Lewis/Quartermain – What Lesson Not to Learn from Greater Manchester’s Informal Strategic Planning


Steve Quartermain, chief planner at the Department for Communities and Local Government (DCLG), read a speech from Brandon Lewis at the Town and Country Planning Association’s annual conference in London yesterday after the minister was unable to attend.

It said: “Councils need to ensure they work together where issues cut across local boundaries. Localism is not an excuse for isolation or parochialism.”

Lewis’ speech said that cooperation between councils was “strengthening”, citing the example of Greater Manchester Combined Authority where a city-region spatial plan is being prepared across 10 council areas and an elected metro mayor will take on strategic planning and housing powers.

The speech said: “There’s no doubt that councils across the country will be able to learn the lessons of their cooperation.

“It’s hoped that others will similarly want to take advantage of greater devolutionary powers.”

However the lesson not learned is that informal arrangements, where any Borough/distyrcit has power of veto over the plan never works.  There is a name for this Liberum Veto.

The liberum veto (Latin for “the free veto”) was a parliamentary device in the Polish–Lithuanian Commonwealth. It was a form of unanimity voting rule that allowed any member of the Sejm (legislature) to force an immediate end to the current session and nullify any legislation that had already been passed at the session by shouting Nie pozwalam! (Polish: “I do not allow!”).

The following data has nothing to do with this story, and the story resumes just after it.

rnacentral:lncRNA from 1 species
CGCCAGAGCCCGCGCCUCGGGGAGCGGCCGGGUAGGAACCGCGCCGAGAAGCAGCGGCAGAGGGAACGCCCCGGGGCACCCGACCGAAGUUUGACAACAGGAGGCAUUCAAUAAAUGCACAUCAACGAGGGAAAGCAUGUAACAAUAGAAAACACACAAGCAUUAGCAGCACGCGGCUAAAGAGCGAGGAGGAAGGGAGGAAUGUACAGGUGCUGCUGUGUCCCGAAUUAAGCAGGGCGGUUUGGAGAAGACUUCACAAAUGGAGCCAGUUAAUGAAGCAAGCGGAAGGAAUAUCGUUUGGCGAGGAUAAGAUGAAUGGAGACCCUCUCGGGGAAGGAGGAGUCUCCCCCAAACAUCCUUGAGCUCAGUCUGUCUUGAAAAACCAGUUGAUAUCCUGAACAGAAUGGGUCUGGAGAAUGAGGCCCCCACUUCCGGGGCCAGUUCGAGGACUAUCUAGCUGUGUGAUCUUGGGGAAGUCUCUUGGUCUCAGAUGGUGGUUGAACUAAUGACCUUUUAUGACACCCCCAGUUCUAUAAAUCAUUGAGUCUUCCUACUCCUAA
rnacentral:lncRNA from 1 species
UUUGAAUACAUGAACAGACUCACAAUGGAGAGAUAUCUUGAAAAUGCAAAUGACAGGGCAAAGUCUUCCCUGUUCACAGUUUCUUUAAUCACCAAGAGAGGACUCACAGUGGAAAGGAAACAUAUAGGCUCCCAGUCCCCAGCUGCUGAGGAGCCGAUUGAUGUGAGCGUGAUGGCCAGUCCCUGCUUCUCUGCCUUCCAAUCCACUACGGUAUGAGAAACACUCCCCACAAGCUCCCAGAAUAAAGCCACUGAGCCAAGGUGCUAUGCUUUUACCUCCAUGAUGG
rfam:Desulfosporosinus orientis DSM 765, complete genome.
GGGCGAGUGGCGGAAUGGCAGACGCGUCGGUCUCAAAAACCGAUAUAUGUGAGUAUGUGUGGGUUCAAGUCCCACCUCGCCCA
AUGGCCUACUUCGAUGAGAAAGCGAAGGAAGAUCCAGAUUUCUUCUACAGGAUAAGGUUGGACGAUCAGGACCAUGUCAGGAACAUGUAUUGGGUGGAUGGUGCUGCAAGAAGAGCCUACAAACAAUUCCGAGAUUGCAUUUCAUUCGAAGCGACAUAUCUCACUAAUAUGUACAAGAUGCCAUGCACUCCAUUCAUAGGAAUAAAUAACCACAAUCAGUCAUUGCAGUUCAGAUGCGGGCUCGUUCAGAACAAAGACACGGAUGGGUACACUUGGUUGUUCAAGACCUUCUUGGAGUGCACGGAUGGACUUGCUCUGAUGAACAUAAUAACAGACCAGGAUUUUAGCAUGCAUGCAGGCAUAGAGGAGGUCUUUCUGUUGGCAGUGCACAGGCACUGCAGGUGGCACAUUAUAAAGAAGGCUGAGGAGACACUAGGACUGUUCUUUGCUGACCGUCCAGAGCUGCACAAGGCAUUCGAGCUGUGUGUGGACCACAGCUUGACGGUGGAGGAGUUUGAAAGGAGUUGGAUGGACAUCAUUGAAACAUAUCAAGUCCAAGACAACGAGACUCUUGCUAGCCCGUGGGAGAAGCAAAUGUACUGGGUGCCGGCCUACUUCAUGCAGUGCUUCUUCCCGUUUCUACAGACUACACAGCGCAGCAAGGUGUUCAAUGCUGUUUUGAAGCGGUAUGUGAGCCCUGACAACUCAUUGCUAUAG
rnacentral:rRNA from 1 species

It led to massive corruption as foreign powers no longer had to bribe half the assembly but one member only.  Harvard political scientist Grzegorz Ekiert, assessing the history of the liberum veto in the Kingdom of Poland, 1569-1795, concludes:

The principle of the liberum veto preserved the feudal features of Poland’s political system, weakened the role of the monarchy, led to anarchy in political life, and contributed to the economic and political decline of the Polish state. Such a situation made the country vulnerable to foreign invasions and ultimately led to its collapse.

Any political principle which allows any locality to veto housing has the same effect it so weakens the nation that it undermines national competitiveness, worsens inequality and leads to national decline. The kind of decline we have have in England for 50 years. The coalition planning reforms were based on institutionalising a liberum veto that having a half assed and unimplementable measure the ‘duty ti cooperate’ grafted on under pressure after the event.

Liberum veto strategic planning has never worked anywhere ever.



One thought on “Lewis/Quartermain – What Lesson Not to Learn from Greater Manchester’s Informal Strategic Planning

  1. liberum veto is confusing freedom with chaos and enables the powerful to rule. Wisdom and its bind back to Ethics which are he component parts of the natural experience of Grace is highest form of freedom, and enables the decentralization people seek. Now just apply that policy concept to the economic system.

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